Cervical Cancer

Cervical cancer usually affects women between 40 and 55 years of age, with 16,000 cases of invasive cervical cancer diagnosed annually in the United States. Pap smears are an effective screening tool.

Cervical cancers start as an abnormality of cells on the surface of the cervix. These abnormalities are not cancerous. They include dysplasia, squamous intraepithelial lesions (SIL) and carcinoma in situ. If undetected or untreated, these pre-invasive abnormalities eventually may invade normal cells of the cervix. As a result, cancer may develop, invading surrounding tissues or lymph nodes and possibly spreading to other parts of the body.

If these lesions have not invaded normal cells of the cervix, treatments may be relatively simple and straightforward.

Pre-cancerous changes of the cervix usually don't cause pain. In fact, they generally don't cause symptoms and aren't detected unless a woman has a pelvic exam and a Pap smear.

Symptoms usually don't appear until abnormal cervical cells become cancerous and invade nearby tissue. When this happens, the most common symptom is abnormal bleeding, which may start and stop between regular menstrual periods or may occur after sexual intercourse, douching or a pelvic exam. Menstrual bleeding may last longer and be heavier than usual.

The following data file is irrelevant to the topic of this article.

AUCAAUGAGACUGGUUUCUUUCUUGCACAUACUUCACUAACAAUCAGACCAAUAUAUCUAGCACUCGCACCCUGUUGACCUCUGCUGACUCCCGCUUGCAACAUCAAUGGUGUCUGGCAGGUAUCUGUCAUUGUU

Bleeding after menopause also may be a symptom of cervical cancer. Increased vaginal discharge is another symptom of cervical cancer.

Cervical cancer is diagnosed by having a pelvic exam and a Pap test.

  • Pelvic Exam — A pelvic exam is done to check a woman's vagina, uterus, bladder and rectum. The doctor feels these organs for any lumps or changes in their shape or size. To see the upper part of the vagina and the cervix, the doctor inserts an instrument called a speculum into the vagina.
  • Pap Test — For a Pap test, the doctor collects cells from the cervix and upper vagina. A medical laboratory checks for abnormal cells.

There are a number of ways to treat cervical cancer.

Loop Electrosurgical Excision Procedure (LEEP)

This simple procedure can be performed in the doctor's office under local anesthetic. An electrically charged wire loop is used to remove the outer portion of the cervix containing the abnormal tissue, which then can be examined under a microscope to confirm that no cancer remains. In the great majority of cases, women are cured after one LEEP procedure and are able to return to full activity shortly thereafter.


This is a procedure that freezes and kills the abnormal cells on the cervix. In this procedure, which is performed in the doctor's office and usually does not require an anesthetic, a silver probe that has been cooled with liquid nitrogen is placed against the cervix. This freezing kills the outer layer of cells that are abnormal on the cervix.

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Reviewed by health care specialists at UCSF Medical Center.